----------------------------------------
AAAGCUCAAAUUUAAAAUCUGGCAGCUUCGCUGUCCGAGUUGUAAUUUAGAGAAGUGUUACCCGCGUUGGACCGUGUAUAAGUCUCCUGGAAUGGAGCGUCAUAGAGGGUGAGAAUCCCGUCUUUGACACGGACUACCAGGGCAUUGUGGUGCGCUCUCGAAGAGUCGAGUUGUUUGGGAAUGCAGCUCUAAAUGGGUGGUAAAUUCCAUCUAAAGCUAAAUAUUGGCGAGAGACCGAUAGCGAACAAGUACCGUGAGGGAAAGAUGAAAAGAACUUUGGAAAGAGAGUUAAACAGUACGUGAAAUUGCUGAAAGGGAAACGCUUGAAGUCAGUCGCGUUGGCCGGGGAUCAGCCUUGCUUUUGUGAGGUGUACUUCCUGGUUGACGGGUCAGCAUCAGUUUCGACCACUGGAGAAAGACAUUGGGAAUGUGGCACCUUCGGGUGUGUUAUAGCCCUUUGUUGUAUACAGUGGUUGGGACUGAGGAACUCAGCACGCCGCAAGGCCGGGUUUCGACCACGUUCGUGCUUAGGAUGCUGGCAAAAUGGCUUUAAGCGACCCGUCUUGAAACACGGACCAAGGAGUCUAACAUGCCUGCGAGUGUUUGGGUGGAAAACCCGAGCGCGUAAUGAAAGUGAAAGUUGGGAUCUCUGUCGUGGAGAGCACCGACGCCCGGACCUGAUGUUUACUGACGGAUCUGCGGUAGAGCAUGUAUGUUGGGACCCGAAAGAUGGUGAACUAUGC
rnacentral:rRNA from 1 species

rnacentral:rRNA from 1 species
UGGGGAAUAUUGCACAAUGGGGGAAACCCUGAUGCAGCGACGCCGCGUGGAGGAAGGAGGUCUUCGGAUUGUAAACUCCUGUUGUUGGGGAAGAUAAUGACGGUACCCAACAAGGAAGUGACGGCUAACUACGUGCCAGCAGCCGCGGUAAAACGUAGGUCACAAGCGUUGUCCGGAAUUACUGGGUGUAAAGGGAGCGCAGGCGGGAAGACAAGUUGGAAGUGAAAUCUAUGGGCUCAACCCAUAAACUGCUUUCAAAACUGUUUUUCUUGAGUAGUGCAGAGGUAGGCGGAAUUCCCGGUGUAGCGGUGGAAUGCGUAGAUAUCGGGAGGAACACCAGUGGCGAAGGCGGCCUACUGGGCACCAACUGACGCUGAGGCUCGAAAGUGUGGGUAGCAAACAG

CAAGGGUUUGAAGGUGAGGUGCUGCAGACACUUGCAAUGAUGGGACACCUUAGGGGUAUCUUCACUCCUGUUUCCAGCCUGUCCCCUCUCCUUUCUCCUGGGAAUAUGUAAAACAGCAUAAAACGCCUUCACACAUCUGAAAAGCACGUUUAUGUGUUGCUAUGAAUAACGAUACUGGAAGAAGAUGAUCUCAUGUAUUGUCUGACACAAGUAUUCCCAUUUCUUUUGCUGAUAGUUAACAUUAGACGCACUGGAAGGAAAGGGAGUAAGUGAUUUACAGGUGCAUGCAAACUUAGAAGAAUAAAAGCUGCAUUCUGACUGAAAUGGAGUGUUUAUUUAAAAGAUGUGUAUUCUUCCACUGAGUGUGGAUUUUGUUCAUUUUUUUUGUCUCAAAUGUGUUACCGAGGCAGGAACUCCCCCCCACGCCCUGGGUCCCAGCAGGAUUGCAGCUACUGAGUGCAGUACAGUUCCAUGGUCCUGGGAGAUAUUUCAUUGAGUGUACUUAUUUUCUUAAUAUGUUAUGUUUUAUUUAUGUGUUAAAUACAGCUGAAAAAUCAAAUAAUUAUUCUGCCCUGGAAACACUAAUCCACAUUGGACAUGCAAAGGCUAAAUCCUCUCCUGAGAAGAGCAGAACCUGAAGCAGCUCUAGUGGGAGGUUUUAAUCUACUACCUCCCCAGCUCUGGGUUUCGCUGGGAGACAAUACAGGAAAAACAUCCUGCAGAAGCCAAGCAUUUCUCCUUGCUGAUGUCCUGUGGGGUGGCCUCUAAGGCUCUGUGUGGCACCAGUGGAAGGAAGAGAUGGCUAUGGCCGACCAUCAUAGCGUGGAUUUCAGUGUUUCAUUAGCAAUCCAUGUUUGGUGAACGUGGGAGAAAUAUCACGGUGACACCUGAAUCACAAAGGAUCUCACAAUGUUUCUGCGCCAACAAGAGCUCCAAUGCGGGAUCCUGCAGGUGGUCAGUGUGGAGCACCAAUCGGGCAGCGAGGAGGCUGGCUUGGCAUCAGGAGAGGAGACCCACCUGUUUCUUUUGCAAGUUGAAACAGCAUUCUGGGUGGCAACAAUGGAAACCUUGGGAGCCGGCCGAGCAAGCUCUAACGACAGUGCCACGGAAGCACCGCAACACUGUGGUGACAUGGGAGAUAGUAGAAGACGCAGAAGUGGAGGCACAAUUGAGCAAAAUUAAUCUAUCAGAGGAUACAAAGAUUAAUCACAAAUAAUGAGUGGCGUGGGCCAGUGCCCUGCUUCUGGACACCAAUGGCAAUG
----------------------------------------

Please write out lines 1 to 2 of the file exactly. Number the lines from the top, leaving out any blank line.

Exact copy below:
AAAGCUCAAAUUUAAAAUCUGGCAGCUUCGCUGUCCGAGUUGUAAUUUAGAGAAGUGUUACCCGCGUUGGACCGUGUAUAAGUCUCCUGGAAUGGAGCGUCAUAGAGGGUGAGAAUCCCGUCUUUGACACGGACUACCAGGGCAUUGUGGUGCGCUCUCGAAGAGUCGAGUUGUUUGGGAAUGCAGCUCUAAAUGGGUGGUAAAUUCCAUCUAAAGCUAAAUAUUGGCGAGAGACCGAUAGCGAACAAGUACCGUGAGGGAAAGAUGAAAAGAACUUUGGAAAGAGAGUUAAACAGUACGUGAAAUUGCUGAAAGGGAAACGCUUGAAGUCAGUCGCGUUGGCCGGGGAUCAGCCUUGCUUUUGUGAGGUGUACUUCCUGGUUGACGGGUCAGCAUCAGUUUCGACCACUGGAGAAAGACAUUGGGAAUGUGGCACCUUCGGGUGUGUUAUAGCCCUUUGUUGUAUACAGUGGUUGGGACUGAGGAACUCAGCACGCCGCAAGGCCGGGUUUCGACCACGUUCGUGCUUAGGAUGCUGGCAAAAUGGCUUUAAGCGACCCGUCUUGAAACACGGACCAAGGAGUCUAACAUGCCUGCGAGUGUUUGGGUGGAAAACCCGAGCGCGUAAUGAAAGUGAAAGUUGGGAUCUCUGUCGUGGAGAGCACCGACGCCCGGACCUGAUGUUUACUGACGGAUCUGCGGUAGAGCAUGUAUGUUGGGACCCGAAAGAUGGUGAACUAUGC
rnacentral:rRNA from 1 species